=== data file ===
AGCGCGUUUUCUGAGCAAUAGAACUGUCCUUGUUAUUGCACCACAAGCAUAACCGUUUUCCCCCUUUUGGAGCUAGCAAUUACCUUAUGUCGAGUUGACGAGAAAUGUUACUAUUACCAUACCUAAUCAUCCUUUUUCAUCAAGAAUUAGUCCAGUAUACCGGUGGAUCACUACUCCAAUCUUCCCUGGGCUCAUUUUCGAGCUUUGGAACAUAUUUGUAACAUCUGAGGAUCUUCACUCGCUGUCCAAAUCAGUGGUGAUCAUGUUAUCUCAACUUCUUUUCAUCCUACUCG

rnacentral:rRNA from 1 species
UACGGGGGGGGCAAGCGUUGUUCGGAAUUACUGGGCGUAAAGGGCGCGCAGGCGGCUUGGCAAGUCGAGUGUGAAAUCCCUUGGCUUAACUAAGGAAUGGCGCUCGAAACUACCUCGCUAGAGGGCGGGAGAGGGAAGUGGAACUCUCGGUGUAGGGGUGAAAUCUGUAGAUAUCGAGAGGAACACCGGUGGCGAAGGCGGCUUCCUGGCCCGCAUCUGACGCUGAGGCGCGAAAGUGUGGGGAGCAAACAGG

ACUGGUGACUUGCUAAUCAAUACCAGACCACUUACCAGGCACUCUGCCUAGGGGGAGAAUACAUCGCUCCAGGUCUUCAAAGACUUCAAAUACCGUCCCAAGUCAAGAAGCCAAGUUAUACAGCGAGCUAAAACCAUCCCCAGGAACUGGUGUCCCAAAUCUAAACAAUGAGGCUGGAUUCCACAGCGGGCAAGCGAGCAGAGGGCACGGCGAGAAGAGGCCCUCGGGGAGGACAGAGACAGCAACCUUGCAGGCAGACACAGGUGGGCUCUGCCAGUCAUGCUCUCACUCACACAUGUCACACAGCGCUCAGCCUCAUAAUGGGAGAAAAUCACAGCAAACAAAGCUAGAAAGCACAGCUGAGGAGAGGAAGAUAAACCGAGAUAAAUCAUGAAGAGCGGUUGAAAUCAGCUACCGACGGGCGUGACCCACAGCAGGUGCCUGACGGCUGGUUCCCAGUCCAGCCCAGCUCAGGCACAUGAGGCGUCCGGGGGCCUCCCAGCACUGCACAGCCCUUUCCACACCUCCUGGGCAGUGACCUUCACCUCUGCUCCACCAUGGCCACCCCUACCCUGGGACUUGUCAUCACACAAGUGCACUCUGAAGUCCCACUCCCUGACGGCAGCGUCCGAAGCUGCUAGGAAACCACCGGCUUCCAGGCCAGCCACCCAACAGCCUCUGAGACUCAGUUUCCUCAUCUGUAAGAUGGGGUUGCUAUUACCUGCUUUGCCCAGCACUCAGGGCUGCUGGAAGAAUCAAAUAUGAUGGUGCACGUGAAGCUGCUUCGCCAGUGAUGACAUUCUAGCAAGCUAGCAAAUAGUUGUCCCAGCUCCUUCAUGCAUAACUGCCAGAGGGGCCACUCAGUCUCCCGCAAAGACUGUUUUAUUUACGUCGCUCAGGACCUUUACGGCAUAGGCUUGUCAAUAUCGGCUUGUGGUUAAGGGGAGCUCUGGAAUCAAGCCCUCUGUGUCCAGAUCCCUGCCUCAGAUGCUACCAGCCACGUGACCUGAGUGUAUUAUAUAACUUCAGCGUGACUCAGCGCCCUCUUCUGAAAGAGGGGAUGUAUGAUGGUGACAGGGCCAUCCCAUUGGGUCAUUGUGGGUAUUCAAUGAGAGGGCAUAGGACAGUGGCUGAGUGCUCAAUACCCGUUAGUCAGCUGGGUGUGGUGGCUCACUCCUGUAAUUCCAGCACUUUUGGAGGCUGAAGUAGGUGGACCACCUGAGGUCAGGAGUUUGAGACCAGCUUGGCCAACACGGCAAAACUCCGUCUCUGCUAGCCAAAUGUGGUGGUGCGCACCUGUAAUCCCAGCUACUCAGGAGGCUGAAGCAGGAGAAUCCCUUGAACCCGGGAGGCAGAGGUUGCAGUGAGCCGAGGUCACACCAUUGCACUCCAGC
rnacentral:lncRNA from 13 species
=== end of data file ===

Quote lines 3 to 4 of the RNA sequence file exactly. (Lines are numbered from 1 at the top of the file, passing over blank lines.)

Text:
UACGGGGGGGGCAAGCGUUGUUCGGAAUUACUGGGCGUAAAGGGCGCGCAGGCGGCUUGGCAAGUCGAGUGUGAAAUCCCUUGGCUUAACUAAGGAAUGGCGCUCGAAACUACCUCGCUAGAGGGCGGGAGAGGGAAGUGGAACUCUCGGUGUAGGGGUGAAAUCUGUAGAUAUCGAGAGGAACACCGGUGGCGAAGGCGGCUUCCUGGCCCGCAUCUGACGCUGAGGCGCGAAAGUGUGGGGAGCAAACAGG

ACUGGUGACUUGCUAAUCAAUACCAGACCACUUACCAGGCACUCUGCCUAGGGGGAGAAUACAUCGCUCCAGGUCUUCAAAGACUUCAAAUACCGUCCCAAGUCAAGAAGCCAAGUUAUACAGCGAGCUAAAACCAUCCCCAGGAACUGGUGUCCCAAAUCUAAACAAUGAGGCUGGAUUCCACAGCGGGCAAGCGAGCAGAGGGCACGGCGAGAAGAGGCCCUCGGGGAGGACAGAGACAGCAACCUUGCAGGCAGACACAGGUGGGCUCUGCCAGUCAUGCUCUCACUCACACAUGUCACACAGCGCUCAGCCUCAUAAUGGGAGAAAAUCACAGCAAACAAAGCUAGAAAGCACAGCUGAGGAGAGGAAGAUAAACCGAGAUAAAUCAUGAAGAGCGGUUGAAAUCAGCUACCGACGGGCGUGACCCACAGCAGGUGCCUGACGGCUGGUUCCCAGUCCAGCCCAGCUCAGGCACAUGAGGCGUCCGGGGGCCUCCCAGCACUGCACAGCCCUUUCCACACCUCCUGGGCAGUGACCUUCACCUCUGCUCCACCAUGGCCACCCCUACCCUGGGACUUGUCAUCACACAAGUGCACUCUGAAGUCCCACUCCCUGACGGCAGCGUCCGAAGCUGCUAGGAAACCACCGGCUUCCAGGCCAGCCACCCAACAGCCUCUGAGACUCAGUUUCCUCAUCUGUAAGAUGGGGUUGCUAUUACCUGCUUUGCCCAGCACUCAGGGCUGCUGGAAGAAUCAAAUAUGAUGGUGCACGUGAAGCUGCUUCGCCAGUGAUGACAUUCUAGCAAGCUAGCAAAUAGUUGUCCCAGCUCCUUCAUGCAUAACUGCCAGAGGGGCCACUCAGUCUCCCGCAAAGACUGUUUUAUUUACGUCGCUCAGGACCUUUACGGCAUAGGCUUGUCAAUAUCGGCUUGUGGUUAAGGGGAGCUCUGGAAUCAAGCCCUCUGUGUCCAGAUCCCUGCCUCAGAUGCUACCAGCCACGUGACCUGAGUGUAUUAUAUAACUUCAGCGUGACUCAGCGCCCUCUUCUGAAAGAGGGGAUGUAUGAUGGUGACAGGGCCAUCCCAUUGGGUCAUUGUGGGUAUUCAAUGAGAGGGCAUAGGACAGUGGCUGAGUGCUCAAUACCCGUUAGUCAGCUGGGUGUGGUGGCUCACUCCUGUAAUUCCAGCACUUUUGGAGGCUGAAGUAGGUGGACCACCUGAGGUCAGGAGUUUGAGACCAGCUUGGCCAACACGGCAAAACUCCGUCUCUGCUAGCCAAAUGUGGUGGUGCGCACCUGUAAUCCCAGCUACUCAGGAGGCUGAAGCAGGAGAAUCCCUUGAACCCGGGAGGCAGAGGUUGCAGUGAGCCGAGGUCACACCAUUGCACUCCAGC